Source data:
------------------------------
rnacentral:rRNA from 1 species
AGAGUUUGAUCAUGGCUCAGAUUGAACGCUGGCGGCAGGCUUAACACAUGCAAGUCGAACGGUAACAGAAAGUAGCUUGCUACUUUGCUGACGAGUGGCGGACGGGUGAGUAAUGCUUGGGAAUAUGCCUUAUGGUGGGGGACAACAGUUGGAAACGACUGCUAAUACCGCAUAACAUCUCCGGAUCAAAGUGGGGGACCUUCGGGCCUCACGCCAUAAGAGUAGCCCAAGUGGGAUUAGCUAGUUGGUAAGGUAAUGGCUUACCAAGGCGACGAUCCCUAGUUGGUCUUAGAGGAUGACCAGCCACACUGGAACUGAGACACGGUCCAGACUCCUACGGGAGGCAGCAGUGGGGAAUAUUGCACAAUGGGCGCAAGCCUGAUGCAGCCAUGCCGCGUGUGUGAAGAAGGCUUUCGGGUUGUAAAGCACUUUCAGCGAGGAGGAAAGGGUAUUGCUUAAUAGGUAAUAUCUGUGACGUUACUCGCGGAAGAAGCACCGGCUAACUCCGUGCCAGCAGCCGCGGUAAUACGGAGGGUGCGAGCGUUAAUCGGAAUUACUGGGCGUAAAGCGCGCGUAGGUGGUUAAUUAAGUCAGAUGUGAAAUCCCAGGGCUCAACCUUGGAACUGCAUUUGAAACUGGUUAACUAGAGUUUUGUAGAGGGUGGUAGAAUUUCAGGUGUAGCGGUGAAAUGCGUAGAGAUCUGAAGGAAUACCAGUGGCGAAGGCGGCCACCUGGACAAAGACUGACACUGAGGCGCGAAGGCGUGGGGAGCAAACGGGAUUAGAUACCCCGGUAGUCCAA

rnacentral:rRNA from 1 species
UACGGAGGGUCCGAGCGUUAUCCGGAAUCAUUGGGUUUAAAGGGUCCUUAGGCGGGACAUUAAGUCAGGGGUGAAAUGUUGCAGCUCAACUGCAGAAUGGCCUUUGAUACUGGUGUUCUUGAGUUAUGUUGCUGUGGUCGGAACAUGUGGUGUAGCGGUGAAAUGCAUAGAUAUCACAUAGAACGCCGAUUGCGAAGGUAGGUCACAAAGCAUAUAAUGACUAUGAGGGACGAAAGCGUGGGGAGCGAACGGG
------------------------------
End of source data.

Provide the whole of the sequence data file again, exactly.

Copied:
rnacentral:rRNA from 1 species
AGAGUUUGAUCAUGGCUCAGAUUGAACGCUGGCGGCAGGCUUAACACAUGCAAGUCGAACGGUAACAGAAAGUAGCUUGCUACUUUGCUGACGAGUGGCGGACGGGUGAGUAAUGCUUGGGAAUAUGCCUUAUGGUGGGGGACAACAGUUGGAAACGACUGCUAAUACCGCAUAACAUCUCCGGAUCAAAGUGGGGGACCUUCGGGCCUCACGCCAUAAGAGUAGCCCAAGUGGGAUUAGCUAGUUGGUAAGGUAAUGGCUUACCAAGGCGACGAUCCCUAGUUGGUCUUAGAGGAUGACCAGCCACACUGGAACUGAGACACGGUCCAGACUCCUACGGGAGGCAGCAGUGGGGAAUAUUGCACAAUGGGCGCAAGCCUGAUGCAGCCAUGCCGCGUGUGUGAAGAAGGCUUUCGGGUUGUAAAGCACUUUCAGCGAGGAGGAAAGGGUAUUGCUUAAUAGGUAAUAUCUGUGACGUUACUCGCGGAAGAAGCACCGGCUAACUCCGUGCCAGCAGCCGCGGUAAUACGGAGGGUGCGAGCGUUAAUCGGAAUUACUGGGCGUAAAGCGCGCGUAGGUGGUUAAUUAAGUCAGAUGUGAAAUCCCAGGGCUCAACCUUGGAACUGCAUUUGAAACUGGUUAACUAGAGUUUUGUAGAGGGUGGUAGAAUUUCAGGUGUAGCGGUGAAAUGCGUAGAGAUCUGAAGGAAUACCAGUGGCGAAGGCGGCCACCUGGACAAAGACUGACACUGAGGCGCGAAGGCGUGGGGAGCAAACGGGAUUAGAUACCCCGGUAGUCCAA

rnacentral:rRNA from 1 species
UACGGAGGGUCCGAGCGUUAUCCGGAAUCAUUGGGUUUAAAGGGUCCUUAGGCGGGACAUUAAGUCAGGGGUGAAAUGUUGCAGCUCAACUGCAGAAUGGCCUUUGAUACUGGUGUUCUUGAGUUAUGUUGCUGUGGUCGGAACAUGUGGUGUAGCGGUGAAAUGCAUAGAUAUCACAUAGAACGCCGAUUGCGAAGGUAGGUCACAAAGCAUAUAAUGACUAUGAGGGACGAAAGCGUGGGGAGCGAACGGG